On August 18, 2021, the Second Circuit Court of Appeals held that a party does not need to wait until EPA decides to pursue other potentially responsible parties (“PRPs”) before it can bring claims under the Comprehensive Environmental Response Compensation and Liability Act (“CERCLA”) for remediation of contaminated property. In RACER Trust et al. v. National Grid USA, the Second Circuit reversed the District Court for the Northern District of New York, and revived plaintiffs’ claims against numerous polluters of Ley Creek near Syracuse, New York.
RACER Trust Brings CERCLA Claim
Revitalizing Auto Communities Environmental Response Trust (RACER Trust) is an Environmental Response Trust, that was created in the General Motor Corporation (GM) bankruptcy proceedings. RACER Trust is responsible for investigating and remediating 89 GM properties, including the Inland Fisher Guide Syracuse Site (IFG Subsite, divided into “OU-1” and “OU-2”) in Syracuse, New York. The IFG property is a subsite of the Onondaga Lake Superfund Site. RACER Trust took over the required environmental response activities of GM for the IFG Subsite pursuant to a 2015 Consent Order with the New York State Department of Environmental Conservation (NYSDEC). After NYSDEC directed RACER Trust to take environmental samples off site, resulting in widespread findings of high levels of PCB contamination, NYSDEC insisted that RACER remediate an additional 22-acre off-site area (“Expansion Site”). This additional work potentially resulted in an increase in RACER’s remedial costs from the $8.5 million budgeted to as much as $93.5 million.
After spending about $12.4 million for investigation and cleanup of OU-2 and the Expansion Site, RACER Trust, and the landowner of OU-1, RACER Properties LLC (together “RACER”), sued over 50 facility owners/operators, and entities involved in the dredging. RACER alleged that the Expansion Site was contaminated primarily by discharges from upstream facilities and the dredging and relocation of Ley Creek by Onondaga County. RACER sought recovery of its past costs of investigation and remediation pursuant to CERCLA §107, and in the alternative CERCLA §113, as well as New York State law, including Navigation Law Article 12, and common law and equitable theories.
RACER’s CERCLA Claims Were Dismissed in Error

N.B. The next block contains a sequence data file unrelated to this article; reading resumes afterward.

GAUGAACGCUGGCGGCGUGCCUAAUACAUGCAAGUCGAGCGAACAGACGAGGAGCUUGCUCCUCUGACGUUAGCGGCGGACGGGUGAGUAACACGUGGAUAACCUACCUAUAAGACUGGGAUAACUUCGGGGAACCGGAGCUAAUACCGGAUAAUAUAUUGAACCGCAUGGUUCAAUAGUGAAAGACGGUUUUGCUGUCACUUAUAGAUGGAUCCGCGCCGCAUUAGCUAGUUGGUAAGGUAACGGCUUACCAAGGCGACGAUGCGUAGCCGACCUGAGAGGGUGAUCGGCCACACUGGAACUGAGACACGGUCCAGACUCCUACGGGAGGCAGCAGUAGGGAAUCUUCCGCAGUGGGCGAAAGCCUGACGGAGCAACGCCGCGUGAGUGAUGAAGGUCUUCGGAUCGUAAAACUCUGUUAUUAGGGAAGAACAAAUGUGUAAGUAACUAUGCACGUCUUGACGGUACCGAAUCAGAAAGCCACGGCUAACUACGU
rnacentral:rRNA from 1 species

The district court dismissed RACER’s complaint on the ground that its CERCLA §107 claim was prudentially unripe. The doctrine of prudential ripeness allows a court to decline to exercise jurisdiction over a case where it determines that it would be better decided at a later date. The district court reasoned that because the EPA was investigating other PRPs it would be best if RACER waited to pursue its claims until a determination was made as to the existence of other PRPs. The district court also dismissed RACER’s CERCLA §113 claim without prejudice, because either it was also prudentially unripe, time-barred, or failed to state a claim.
The Second Circuit vacated the district court’s decision and remanded the matter for further consideration. It concluded that the district court erred in dismissing RACER’s complaint at this early stage.
CERCLA §107 Claim is Ripe
RACER’s CERCLA §107 claim seeks to recover money it has already spent. The Second Circuit held that RACER’s claim was prudentially ripe because it was based on costs already incurred which it might not get back after the EPA investigation. Further delay in adjudicating the claim would cause RACER hardship.
Though Defendants argued that the case was prudentially unripe because the enforcement decisions of EPA and NYSDEC may change in the future, the Second Circuit found this inconsequential, as RACER had already expended funds for which it was entitled to seek recovery immediately. Similarly, the Second Circuit held that RACER did not need to wait for EPA to potentially identify other PRPs before deciding to pursue other PRPs itself.
The Second Circuit reiterated the purpose of §107 which is to allow a private party to recover response costs without first establishing the liability to a third party. Thus the fact that RACER may not have been formally ordered to investigate and remediate the Expansion Site, and arguably is doing so “voluntarily,” did not bar its claim.
Alternative CERCLA §113 Claim is Restored
Alternatively, RACER asserted a §113 claim for contribution against the 50+ PRPs. The Second Circuit held that the district court erred in dismissing this claim. As with the §107 claim, the Second Circuit disagreed that this claim was prudentially unripe. The Second Circuit also held that RACER was allowed to plead its §107 and §113 claims in the alternative.
KNAUF SHAW REPRESENTS RACER IN THIS CASE. FOR MORE INFORMATION ON RECENT DEVELOPMENTS IN CERCLA JURISPRUDENCE, PLEASE CONTACT THE ATTORNEYS AT KNAUF SHAW LLP AT WWW.NYENVLAW.COM OR CALL (585) 546-8430.